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Staring my own business

Good afternoon,

I'm in the process of commencing my own accoutancy business offering book keeping and Management accounts, I'm at a loss at what cost to charge to customers, can anyone please provide any pointers.

Comments

  • David BallantyneDavid Ballantyne DurhamRegistered Posts: 112
    edited May 1
    Hi Kelrob,

    How to set prices is a continuous conundrum for bookkeepers and accountants in practice.

    A simple approach, which would be highly justifiable to the client, would be as follows:

    For the particular service you wish to offer, research what the client would have to pay to employ someone to do this work and then add on your own overheads. Divide this total by the number of weeks per year that you want to work in your business (you need to take some time off for holidays), then divide this total by the number of chargeable hours you can work in your business per week (you will need some time for internal admin).

    An alternative way to view the scenario is to research what it would cost you to employ someone in your accountancy practice.

    This will give you a minimum hourly rate to charge on the basis that if you were charging less then you might as well get a job.

    As an example: Bookkeeping rate.

    In North East England, a sensible salary to attract a fully qualified AAT bookkeeper would be £23,000 per year. You can find this out simply by doing a Google search for "bookkeeper salary" and looking at the various websites that appear in the listing. On top of this should be added employer's NI and employer's pension contribution plus possibly other statutory costs such as employer's liability insurance and your own overheads (mainly practice license and PI insurance).

    So, £23000 salary + £3174 employer's NI + £690 employer's pension + £1000 overheads = £27864 per year.

    Divide this by the number of working weeks in the year: 52 weeks less 28 days minimum statutory holidays = 48 weeks.

    £27864 / 48 weeks = £580.50

    Divide the weekly amount by the amount of chargeable hours you can work after allowing for your own internal business admin:

    37.5 hours per week less 2.5 hours for internal admin = 35 hours.

    £580.50 / 35 hours = £16.59 say £17 per hour for convenience.

    This is the rock bottom, absolute minimum that you should charge otherwise you might as well get a job. Adjust the formula to suit your own circumstances. Management accounting is a different job and you should research a different rate for that.

    A good source of information on rates is Bark.com. Bark.com is a lead generation site. You can register for free and view leads for free (you only have to pay if you want to contact the lead). When you view leads, Bark provides information on the range of prices that other professionals charge.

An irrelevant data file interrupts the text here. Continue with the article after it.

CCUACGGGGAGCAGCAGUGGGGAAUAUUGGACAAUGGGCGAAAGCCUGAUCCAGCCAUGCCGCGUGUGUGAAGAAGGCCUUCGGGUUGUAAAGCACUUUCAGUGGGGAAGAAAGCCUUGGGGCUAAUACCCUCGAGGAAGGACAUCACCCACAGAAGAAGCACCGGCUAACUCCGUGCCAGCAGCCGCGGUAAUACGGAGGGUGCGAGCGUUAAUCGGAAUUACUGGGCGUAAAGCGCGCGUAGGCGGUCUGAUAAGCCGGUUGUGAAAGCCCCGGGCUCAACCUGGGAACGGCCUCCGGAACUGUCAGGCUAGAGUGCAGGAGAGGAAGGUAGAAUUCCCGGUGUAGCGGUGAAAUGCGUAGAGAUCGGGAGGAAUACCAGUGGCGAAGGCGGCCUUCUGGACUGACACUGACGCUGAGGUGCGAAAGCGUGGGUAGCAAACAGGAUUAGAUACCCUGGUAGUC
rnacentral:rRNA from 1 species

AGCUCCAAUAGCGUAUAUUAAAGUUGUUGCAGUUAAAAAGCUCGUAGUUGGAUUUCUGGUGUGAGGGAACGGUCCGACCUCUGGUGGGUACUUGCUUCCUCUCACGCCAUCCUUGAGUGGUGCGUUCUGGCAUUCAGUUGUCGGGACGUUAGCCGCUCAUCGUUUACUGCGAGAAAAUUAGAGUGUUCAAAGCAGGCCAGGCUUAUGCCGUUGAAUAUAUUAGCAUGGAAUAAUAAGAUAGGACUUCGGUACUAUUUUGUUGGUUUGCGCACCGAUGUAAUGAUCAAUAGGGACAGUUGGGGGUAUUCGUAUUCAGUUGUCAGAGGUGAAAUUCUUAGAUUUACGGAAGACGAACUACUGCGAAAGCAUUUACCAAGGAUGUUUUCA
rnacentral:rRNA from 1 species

On Bark.com, the advised range for bookkeeping is £18 to £20 per hour. They generally advise that a premium rate would be £25 per hour.

    I aim to charge £20 to £22 per hour. I know of another AAT mip who charges £25 per hour for bookkeeping. I understand that high street accountancy practices charge around £35 per hour.

    Hope that helps,

    David.
    David Ballantyne
    Connect with me on LinkedIn!
    Ballantyne Accountants
  • kelrob74kelrob74 Registered Posts: 7
    Hi David, Thank you so much for your advice. It has been incredibly useful.
    It is very much appreciated.

    Very best wishes, Kerry
  • kelrob74kelrob74 Registered Posts: 7
    Hi David,

    Thank you so much for answering the above question. I do have one other question. Do you have any advice with regard to marketing and obtaining clients. I am planning to develop a website. Any additional advice would be greatly appreciated.

    Kind regards

    Kerry
  • David BallantyneDavid Ballantyne DurhamRegistered Posts: 112
    The number one headache for all self employed bookkeepers and accountants is how to get clients. This is something I am still trying to successfully solve myself. I believe I have now broadly got a grasp of the options available and I am now in the process of gradually implementing this myself.

    I think a website is pretty important these days. You want to have at least an attractive brochure site. Further down the line you may want to develop a content marketing and sales funnel strategy but that's a whole other topic in itself.

    The quickest, most convenient way of getting good leads is Bark.com. These leads are people who are looking right now for services. There are other similar lead generation sites, Bidvine, Star of Service and Service Start. Bark.com is far and away the best of the bunch in terms of the number of leads and overall quality of service. The downside is that the leads have to be paid for if you want to contact the prospect. Having said that, the lead cost is reasonable. Bark advises that on average one in four leads will convert into a client. I have only recruited one client through Bark and I would say their advice on conversion is about right.